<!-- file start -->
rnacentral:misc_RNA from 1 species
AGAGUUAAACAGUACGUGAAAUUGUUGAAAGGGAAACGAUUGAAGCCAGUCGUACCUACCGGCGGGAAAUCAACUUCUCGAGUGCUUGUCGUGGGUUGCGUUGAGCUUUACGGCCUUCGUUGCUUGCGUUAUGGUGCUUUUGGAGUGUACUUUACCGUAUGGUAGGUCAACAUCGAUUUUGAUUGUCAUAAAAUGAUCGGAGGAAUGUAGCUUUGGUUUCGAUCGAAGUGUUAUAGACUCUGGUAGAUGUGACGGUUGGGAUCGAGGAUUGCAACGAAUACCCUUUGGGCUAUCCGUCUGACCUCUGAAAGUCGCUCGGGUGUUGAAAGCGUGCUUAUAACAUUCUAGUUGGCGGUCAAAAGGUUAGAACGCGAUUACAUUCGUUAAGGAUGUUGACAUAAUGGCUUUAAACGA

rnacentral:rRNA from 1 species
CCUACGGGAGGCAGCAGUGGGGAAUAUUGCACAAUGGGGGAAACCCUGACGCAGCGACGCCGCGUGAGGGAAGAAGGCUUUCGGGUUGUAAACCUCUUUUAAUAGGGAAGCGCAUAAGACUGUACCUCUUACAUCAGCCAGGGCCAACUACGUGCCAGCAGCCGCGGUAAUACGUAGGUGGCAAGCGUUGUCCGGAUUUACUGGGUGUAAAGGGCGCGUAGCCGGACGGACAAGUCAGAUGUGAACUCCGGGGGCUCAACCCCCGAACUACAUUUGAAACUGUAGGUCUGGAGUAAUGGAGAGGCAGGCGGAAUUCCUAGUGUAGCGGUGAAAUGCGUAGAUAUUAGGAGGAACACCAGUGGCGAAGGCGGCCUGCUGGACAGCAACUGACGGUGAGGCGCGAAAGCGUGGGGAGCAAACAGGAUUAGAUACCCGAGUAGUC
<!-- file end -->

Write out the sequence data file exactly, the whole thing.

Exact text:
rnacentral:misc_RNA from 1 species
AGAGUUAAACAGUACGUGAAAUUGUUGAAAGGGAAACGAUUGAAGCCAGUCGUACCUACCGGCGGGAAAUCAACUUCUCGAGUGCUUGUCGUGGGUUGCGUUGAGCUUUACGGCCUUCGUUGCUUGCGUUAUGGUGCUUUUGGAGUGUACUUUACCGUAUGGUAGGUCAACAUCGAUUUUGAUUGUCAUAAAAUGAUCGGAGGAAUGUAGCUUUGGUUUCGAUCGAAGUGUUAUAGACUCUGGUAGAUGUGACGGUUGGGAUCGAGGAUUGCAACGAAUACCCUUUGGGCUAUCCGUCUGACCUCUGAAAGUCGCUCGGGUGUUGAAAGCGUGCUUAUAACAUUCUAGUUGGCGGUCAAAAGGUUAGAACGCGAUUACAUUCGUUAAGGAUGUUGACAUAAUGGCUUUAAACGA

rnacentral:rRNA from 1 species
CCUACGGGAGGCAGCAGUGGGGAAUAUUGCACAAUGGGGGAAACCCUGACGCAGCGACGCCGCGUGAGGGAAGAAGGCUUUCGGGUUGUAAACCUCUUUUAAUAGGGAAGCGCAUAAGACUGUACCUCUUACAUCAGCCAGGGCCAACUACGUGCCAGCAGCCGCGGUAAUACGUAGGUGGCAAGCGUUGUCCGGAUUUACUGGGUGUAAAGGGCGCGUAGCCGGACGGACAAGUCAGAUGUGAACUCCGGGGGCUCAACCCCCGAACUACAUUUGAAACUGUAGGUCUGGAGUAAUGGAGAGGCAGGCGGAAUUCCUAGUGUAGCGGUGAAAUGCGUAGAUAUUAGGAGGAACACCAGUGGCGAAGGCGGCCUGCUGGACAGCAACUGACGGUGAGGCGCGAAAGCGUGGGGAGCAAACAGGAUUAGAUACCCGAGUAGUC